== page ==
What’s your biggest excuse in life?

Taking the first step

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taking the first step

[Image credit: arztsamui]

It’s always too early to quit.
~ Norman Vincent Peale

New Year’s Day came and went and I could easily use a do-over.  It’s called “too much of a good thing.”  But, thankfully, every day is a new beginning in itself.  So the next day I began with my goal of writing that book I’ve been dreaming about for longer than I can remember.  I wasn’t necessarily ready to get up earlier to write.  And I didn’t log in as many words as I had planned.  But I started.  I took the first step.  And then the next day I took my second step.  And so on.  That’s all I can ask of myself because life will inevitably happen.  I’ll have to work late, my daughter will stop by unexpectedly to visit and I’ll need to make an unscheduled stop at the store or doctor.  I need to be able to accept these detours and move on.  Or I’ll never reach my destination.

What is your feel-like-quitting remedy?

The first day of the rest of your life (story)

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Today is the first day of the rest of your life

[Image credit: Ohmega1982]

One day your life will flash before your eyes.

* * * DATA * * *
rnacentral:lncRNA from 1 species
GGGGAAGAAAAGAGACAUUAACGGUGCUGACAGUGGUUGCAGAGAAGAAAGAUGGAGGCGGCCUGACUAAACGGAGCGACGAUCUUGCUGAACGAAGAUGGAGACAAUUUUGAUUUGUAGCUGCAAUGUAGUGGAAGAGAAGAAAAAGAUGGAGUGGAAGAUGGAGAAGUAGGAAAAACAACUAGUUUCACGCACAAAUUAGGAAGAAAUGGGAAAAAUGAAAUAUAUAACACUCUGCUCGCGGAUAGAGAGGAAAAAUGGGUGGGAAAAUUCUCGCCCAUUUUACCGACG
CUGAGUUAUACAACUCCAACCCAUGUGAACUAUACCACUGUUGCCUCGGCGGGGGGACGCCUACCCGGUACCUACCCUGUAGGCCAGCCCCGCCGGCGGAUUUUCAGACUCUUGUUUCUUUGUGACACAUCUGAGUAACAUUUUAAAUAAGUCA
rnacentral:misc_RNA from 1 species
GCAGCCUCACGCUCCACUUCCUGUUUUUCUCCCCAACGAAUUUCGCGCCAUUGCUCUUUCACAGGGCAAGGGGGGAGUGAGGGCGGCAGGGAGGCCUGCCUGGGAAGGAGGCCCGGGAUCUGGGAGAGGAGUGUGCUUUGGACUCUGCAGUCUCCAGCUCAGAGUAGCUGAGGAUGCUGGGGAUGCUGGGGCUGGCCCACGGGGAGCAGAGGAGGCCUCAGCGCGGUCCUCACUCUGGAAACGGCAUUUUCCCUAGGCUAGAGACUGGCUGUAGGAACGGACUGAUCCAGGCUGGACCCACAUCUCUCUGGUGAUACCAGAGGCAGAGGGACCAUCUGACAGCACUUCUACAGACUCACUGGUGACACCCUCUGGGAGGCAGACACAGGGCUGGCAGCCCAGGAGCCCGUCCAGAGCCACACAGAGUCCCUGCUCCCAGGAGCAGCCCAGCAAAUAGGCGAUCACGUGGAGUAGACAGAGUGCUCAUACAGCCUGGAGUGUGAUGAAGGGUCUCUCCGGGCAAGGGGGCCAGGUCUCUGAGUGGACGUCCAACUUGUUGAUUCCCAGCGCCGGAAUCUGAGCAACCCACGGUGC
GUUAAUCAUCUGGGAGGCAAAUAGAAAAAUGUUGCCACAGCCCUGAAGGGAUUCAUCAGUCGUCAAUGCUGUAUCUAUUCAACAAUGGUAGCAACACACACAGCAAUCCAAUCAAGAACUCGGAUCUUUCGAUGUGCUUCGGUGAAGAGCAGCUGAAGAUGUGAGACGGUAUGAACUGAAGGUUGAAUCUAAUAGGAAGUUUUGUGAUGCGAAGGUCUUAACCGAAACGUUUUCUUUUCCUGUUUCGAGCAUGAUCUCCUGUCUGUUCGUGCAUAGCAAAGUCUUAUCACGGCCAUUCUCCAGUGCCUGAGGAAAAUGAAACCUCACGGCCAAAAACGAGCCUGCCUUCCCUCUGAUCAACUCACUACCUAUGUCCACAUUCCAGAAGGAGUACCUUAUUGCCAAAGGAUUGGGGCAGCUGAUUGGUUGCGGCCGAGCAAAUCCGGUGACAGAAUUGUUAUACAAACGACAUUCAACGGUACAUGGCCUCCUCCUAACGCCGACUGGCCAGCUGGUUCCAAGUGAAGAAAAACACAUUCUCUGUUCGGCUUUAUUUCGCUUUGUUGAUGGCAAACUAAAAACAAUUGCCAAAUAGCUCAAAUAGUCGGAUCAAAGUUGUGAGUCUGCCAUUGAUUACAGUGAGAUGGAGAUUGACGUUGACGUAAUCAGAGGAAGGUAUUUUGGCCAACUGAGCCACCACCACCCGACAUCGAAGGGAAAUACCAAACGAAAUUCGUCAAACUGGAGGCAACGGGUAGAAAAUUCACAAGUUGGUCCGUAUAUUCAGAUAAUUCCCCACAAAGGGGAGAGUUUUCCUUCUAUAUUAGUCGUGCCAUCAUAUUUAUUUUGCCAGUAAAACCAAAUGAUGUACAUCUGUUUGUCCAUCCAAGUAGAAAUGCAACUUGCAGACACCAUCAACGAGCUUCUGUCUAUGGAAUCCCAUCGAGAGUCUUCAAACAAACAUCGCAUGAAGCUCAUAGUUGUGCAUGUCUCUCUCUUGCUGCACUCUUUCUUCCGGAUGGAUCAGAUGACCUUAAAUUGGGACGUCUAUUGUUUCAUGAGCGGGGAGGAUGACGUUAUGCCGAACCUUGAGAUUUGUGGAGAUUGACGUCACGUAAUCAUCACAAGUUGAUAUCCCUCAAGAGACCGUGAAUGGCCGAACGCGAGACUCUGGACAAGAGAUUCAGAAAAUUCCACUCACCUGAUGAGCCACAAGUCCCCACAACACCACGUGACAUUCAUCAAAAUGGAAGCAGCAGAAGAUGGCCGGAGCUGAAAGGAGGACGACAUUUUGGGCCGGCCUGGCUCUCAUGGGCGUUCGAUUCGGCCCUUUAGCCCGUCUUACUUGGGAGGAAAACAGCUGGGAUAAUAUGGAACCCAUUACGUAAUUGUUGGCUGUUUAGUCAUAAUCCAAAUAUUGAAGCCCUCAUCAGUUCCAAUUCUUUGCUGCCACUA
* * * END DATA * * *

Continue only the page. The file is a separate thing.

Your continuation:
Make sure it’s worth watching. ~ Unknown

So how did the year go?  Can you look back on the last 366* days and pat yourself on the back for a job well done?  Or did your enthusiasm start with a bang and end with a fizzle?  My year was filled with starts and stops and ups and downs.  Many of my goals were accomplished, even ones that were not a glimmer on January 1st.  Now tomorrow is another New Year — a chance for a clean slate and for us to continue writing our life story.  The cool part is that a story writes itself and, as it plays out, the ending is always being revised.  May your story play out exactly as you dream, with delightful surprises woven throughout each chapter.  And when you reach the final page, I hope you’ll be truly satisfied with how it turned out.

What are your plans to celebrate the advent of 2013?

*Leap Year (thanks for pointing that out, Big Sister!)